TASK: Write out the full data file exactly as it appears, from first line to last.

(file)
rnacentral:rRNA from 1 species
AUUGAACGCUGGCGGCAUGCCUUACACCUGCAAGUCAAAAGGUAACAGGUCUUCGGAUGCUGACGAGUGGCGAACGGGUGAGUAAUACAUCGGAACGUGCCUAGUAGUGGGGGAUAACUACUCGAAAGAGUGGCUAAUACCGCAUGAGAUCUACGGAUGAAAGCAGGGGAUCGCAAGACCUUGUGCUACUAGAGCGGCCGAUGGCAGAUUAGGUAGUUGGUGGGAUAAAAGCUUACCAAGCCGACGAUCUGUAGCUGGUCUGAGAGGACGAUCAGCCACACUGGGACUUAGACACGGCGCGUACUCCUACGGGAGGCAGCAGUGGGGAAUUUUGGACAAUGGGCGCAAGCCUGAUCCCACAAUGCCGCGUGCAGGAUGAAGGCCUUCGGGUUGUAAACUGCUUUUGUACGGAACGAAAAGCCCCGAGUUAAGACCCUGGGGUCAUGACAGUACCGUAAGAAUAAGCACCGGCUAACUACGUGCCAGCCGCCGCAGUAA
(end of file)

rnacentral:rRNA from 1 species
AUUGAACGCUGGCGGCAUGCCUUACACCUGCAAGUCAAAAGGUAACAGGUCUUCGGAUGCUGACGAGUGGCGAACGGGUGAGUAAUACAUCGGAACGUGCCUAGUAGUGGGGGAUAACUACUCGAAAGAGUGGCUAAUACCGCAUGAGAUCUACGGAUGAAAGCAGGGGAUCGCAAGACCUUGUGCUACUAGAGCGGCCGAUGGCAGAUUAGGUAGUUGGUGGGAUAAAAGCUUACCAAGCCGACGAUCUGUAGCUGGUCUGAGAGGACGAUCAGCCACACUGGGACUUAGACACGGCGCGUACUCCUACGGGAGGCAGCAGUGGGGAAUUUUGGACAAUGGGCGCAAGCCUGAUCCCACAAUGCCGCGUGCAGGAUGAAGGCCUUCGGGUUGUAAACUGCUUUUGUACGGAACGAAAAGCCCCGAGUUAAGACCCUGGGGUCAUGACAGUACCGUAAGAAUAAGCACCGGCUAACUACGUGCCAGCCGCCGCAGUAA